Rutlanders asked to 'start complaining' - InfoNews

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Rutlanders asked to 'start complaining'

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June 26, 2019 - 5:00 PM

KELOWNA - “Start complaining,” says Don Grant, who alongside a group of friends and neighbours is doing what he can to make sure a 49-suite supportive housing project at the corner of Rutland and McCurdy Roads is never built.

“Mayor Colin Basran, in response to some of the protests going on, said ‘the time for complaining is over’,” said Grant, referring to comments made during the June 17 council meeting.

“But it’s still time for people to voice our concerns. We can and should do so at any time we’re worried about issues in our community.”

The problem with the building, said Grant who has been asked to speak on behalf of the group who on Tuesday, June 25, put up the website to rally further support, is simple.

Within a 600 metre radius of where it will be are schools, the YMCA and access to a BMX track.

“There are a couple thousand of kids who walk in that area to and from the YMCA and to school — It’s the wrong area for that type of building,” he said.

“It’s right in the middle of a family-oriented community and we eventually could have kids approached to buy drugs, or drug paraphernalia left around… the risk is too high.”

Grant said if it goes through he won’t let his son ride his bike to the BMX  track alone, anymore. It will change the dynamic of a lot of families and he can’t imagine why the powers that be would have even thought this was a remotely reasonable solution to the social problems facing the city.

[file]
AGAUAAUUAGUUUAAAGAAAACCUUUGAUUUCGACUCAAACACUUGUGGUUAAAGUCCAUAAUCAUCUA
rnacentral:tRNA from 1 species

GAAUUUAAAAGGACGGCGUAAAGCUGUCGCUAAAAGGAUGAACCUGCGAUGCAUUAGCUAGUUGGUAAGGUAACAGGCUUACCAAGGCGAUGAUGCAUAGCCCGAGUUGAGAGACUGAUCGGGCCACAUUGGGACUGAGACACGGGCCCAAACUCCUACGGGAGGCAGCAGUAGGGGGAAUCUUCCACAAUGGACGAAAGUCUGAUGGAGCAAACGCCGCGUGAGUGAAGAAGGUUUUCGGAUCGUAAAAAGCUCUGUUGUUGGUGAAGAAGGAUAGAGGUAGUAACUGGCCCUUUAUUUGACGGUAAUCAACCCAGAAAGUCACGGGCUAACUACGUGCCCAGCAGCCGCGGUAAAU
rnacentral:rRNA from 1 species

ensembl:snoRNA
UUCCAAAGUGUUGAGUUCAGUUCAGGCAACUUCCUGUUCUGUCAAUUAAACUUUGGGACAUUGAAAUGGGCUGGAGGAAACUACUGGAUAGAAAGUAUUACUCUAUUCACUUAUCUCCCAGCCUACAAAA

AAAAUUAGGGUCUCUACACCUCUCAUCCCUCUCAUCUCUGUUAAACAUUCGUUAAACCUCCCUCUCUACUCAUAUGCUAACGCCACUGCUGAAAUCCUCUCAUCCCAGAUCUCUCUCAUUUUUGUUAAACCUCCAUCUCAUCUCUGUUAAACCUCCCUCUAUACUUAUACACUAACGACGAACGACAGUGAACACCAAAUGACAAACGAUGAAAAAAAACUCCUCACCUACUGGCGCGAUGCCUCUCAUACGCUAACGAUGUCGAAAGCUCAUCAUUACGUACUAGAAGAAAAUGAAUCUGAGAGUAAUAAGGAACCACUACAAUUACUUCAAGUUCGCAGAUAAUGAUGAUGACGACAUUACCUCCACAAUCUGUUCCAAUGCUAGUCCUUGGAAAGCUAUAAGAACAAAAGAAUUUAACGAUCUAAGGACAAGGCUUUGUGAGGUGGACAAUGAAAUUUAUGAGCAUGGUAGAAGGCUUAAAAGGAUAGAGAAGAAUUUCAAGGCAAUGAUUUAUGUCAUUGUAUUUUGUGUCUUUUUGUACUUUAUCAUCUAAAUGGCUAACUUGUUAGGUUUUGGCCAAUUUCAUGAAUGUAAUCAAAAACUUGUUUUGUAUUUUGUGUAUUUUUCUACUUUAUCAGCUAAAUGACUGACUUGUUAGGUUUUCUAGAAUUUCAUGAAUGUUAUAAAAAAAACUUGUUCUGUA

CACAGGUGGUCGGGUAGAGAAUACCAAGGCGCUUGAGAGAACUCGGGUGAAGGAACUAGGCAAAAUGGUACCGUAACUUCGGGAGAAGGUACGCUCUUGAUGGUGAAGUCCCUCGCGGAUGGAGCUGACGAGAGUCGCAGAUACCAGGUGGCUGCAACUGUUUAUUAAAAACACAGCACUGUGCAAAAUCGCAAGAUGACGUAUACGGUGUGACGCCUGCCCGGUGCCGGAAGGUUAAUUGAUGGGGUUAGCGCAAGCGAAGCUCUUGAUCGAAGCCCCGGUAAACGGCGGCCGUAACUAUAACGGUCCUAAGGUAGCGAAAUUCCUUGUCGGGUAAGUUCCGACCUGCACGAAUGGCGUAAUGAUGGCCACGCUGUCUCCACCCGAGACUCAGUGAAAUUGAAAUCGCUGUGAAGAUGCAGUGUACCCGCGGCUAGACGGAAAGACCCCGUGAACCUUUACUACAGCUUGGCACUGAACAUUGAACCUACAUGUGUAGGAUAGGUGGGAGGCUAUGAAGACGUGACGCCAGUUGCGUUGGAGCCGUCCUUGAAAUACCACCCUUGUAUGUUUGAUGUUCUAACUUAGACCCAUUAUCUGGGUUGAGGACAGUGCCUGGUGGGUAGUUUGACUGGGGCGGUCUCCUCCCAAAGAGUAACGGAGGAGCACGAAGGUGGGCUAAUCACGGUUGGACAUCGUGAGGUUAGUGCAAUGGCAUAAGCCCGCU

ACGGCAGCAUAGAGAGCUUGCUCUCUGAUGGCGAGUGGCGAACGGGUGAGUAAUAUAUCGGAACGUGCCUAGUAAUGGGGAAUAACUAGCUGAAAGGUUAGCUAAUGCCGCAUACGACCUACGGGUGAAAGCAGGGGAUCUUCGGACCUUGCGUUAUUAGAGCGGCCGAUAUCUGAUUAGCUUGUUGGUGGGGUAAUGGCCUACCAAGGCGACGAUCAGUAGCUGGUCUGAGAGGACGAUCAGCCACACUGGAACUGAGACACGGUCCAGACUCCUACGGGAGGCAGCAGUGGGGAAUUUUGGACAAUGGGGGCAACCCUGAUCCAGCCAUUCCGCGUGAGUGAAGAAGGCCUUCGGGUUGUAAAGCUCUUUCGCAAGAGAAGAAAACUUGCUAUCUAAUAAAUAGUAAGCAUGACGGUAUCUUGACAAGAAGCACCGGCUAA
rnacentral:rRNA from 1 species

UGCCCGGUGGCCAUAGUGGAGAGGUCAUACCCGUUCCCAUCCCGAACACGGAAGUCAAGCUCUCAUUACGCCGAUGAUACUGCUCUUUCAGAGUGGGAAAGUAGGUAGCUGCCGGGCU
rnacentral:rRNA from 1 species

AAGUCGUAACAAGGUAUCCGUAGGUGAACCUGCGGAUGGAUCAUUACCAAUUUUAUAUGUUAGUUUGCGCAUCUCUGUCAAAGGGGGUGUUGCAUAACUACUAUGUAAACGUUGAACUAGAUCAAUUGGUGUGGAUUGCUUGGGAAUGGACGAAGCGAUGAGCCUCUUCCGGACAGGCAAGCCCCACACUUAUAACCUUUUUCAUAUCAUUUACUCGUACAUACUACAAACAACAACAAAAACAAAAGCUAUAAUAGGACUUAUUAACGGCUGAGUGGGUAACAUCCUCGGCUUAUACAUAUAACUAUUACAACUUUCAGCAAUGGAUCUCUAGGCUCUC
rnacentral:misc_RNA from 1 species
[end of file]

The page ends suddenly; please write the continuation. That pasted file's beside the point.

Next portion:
The only thing he can think of is they weren’t thinking about Rutland because Rutland isn’t at the table when decisions are made.

“It’s working-class people who live in Rutland,” he said, adding that it’s the most affordable option in a city that’s repeatedly highlighted for its outrageously priced housing market.

“It’s hard to find time to get active, go down City Hall and sit in the meetings, so we get the short end of the stick, not because we’re bad people. We’re working all day and then we go back home and do things with our kids.”

Political engagement is low in Rutland, which was demonstrated in the last municipal election. Of the 25 candidates for mayor and council, only Amarjit Singh Lalli had a Rutland address.

He didn’t win. No MLAs or MPs live in Rutland, either, and without a voice at the table, Grant said they will continue to lose.

Thus far, he said, he’s glad to see that Norm Letnick has put his support behind the community.

The MLA wrote an open letter against moving ahead with the project.

"We’re getting a lot of phone calls and walk-ins from people and they’re very, very upset – mostly upset at me for putting this housing on McCurdy," Letnick said in an interview with iNFOnews.

Letnick's opposition seemingly grew after touring the neighbourhood around Highway 97 and Leathhead Road, where business owners are upset about increases in crime and vandalism since the Hearthstone and Heath House supportive housing projects opened a few months ago.

To contact a reporter for this story, email Kathy Michaels or call 250-718-0428 or email the editor. You can also submit photos, videos or news tips to the newsroom and be entered to win a monthly prize draw.

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